This past Sunday I woke up bright & early to take on the Honolulu Marathon. The start line was a quick ten minute drive from my apartment, I didn’t have to hop on a plane, and I know the course all too well. The Chinatown – Waikiki – Kapiolani Park – Kahala Loop is the favored long run course for anyone and everyone on the island training for any and every marathon. I know the hills, the heat, the downhills and ebb and flow of the concrete jungle the course winds through. However, I still didn’t exactly feel ready – or all that enthused – the night before.
I trained hard and heavy for the first three months in preparation for my Marine Corps Marathon I did in October. Since then, I’ve barely even hit the pavement aside from a ten mile Turkey Trot on Thanksgiving and a few easy paced five and seven milers here and there. And because I didn’t really care, and figured I’d struggle anyways, I decided that going wine tasting with some friends in Kailua and then downing a few beers at my boyfriend’s office Christmas party was a great idea, because f*ck it – why not?!
Well, surprisingly, it all worked out fine. The race was totally ok, albeit a bit painful. I’ve been extremely lucky in that my other marathons just flew by in a blur. Miles blended together and I felt like I flew through them in batches of five relatively unscathed.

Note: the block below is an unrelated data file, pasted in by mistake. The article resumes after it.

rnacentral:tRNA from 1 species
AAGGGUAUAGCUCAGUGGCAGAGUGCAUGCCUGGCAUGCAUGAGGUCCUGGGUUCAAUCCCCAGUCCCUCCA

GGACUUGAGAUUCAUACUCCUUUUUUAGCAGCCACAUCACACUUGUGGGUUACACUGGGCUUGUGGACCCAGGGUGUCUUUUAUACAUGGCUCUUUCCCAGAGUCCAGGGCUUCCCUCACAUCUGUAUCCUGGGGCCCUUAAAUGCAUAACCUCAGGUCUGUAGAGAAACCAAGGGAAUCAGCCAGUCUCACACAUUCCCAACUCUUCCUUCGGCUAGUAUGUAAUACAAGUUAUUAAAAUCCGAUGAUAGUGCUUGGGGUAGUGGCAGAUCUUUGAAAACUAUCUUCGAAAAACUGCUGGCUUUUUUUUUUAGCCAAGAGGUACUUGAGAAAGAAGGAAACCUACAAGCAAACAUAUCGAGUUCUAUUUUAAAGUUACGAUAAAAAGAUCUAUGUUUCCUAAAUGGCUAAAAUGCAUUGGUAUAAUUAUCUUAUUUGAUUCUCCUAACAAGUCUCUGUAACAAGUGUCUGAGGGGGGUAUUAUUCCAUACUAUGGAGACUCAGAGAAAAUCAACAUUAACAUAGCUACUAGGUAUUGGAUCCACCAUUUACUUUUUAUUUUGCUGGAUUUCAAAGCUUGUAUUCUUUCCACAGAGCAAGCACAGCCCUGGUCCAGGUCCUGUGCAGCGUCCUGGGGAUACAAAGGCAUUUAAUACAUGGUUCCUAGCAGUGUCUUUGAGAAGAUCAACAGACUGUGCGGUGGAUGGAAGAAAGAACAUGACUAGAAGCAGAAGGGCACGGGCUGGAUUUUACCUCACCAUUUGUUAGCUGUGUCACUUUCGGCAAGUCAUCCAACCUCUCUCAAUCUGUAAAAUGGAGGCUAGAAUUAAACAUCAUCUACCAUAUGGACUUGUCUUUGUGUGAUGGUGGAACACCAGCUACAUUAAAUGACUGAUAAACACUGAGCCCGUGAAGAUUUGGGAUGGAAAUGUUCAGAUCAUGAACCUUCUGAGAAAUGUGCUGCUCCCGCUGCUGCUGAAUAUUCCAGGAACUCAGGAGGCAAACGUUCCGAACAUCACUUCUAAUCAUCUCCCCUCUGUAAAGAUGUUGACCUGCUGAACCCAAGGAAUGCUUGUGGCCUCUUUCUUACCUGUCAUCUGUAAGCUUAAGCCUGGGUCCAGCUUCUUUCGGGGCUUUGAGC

This marathon was different. For the first time, I felt each and every mile. I felt like I actually did run a full 26.2, exactly, to the step and second. For the most part, I hated it. I never bonked or hit a wall, but I never soared through a single stretch of the race either. It was slow, grueling, and packed with people. It was hot and muggy without even a semblance of a breeze. I spent the majority of the race bobbing and weaving through a thick crowd since the Honolulu Marathon apparently doesn’t believe in corrals. I spent quite a bit of it biting my tounge as well, and keeping my temper in check as I was cut off, stepped on, and physically pushed by cute little old ladies and their sharp, bony elbows.
Regardless of all of these facts, I had a fantastic time. I realize it makes no sense, but blame it on the runner’s high – no matter how miserable the race, we always want more. It’s the feeling at the end of the marathon that runners remember most vividly, even though it’s a teeny fraction of the time we spent suffering to get there.
The Honolulu Marathon will never be my favorite race, and I really wouldn’t recommend it. However, it’s in my city and on my turf and it’s impossible not to do it each year I’m still on the island. So, most likely, I’ll do it next year with the same lackluster attitude and general ambivalence and inability to simply stay away.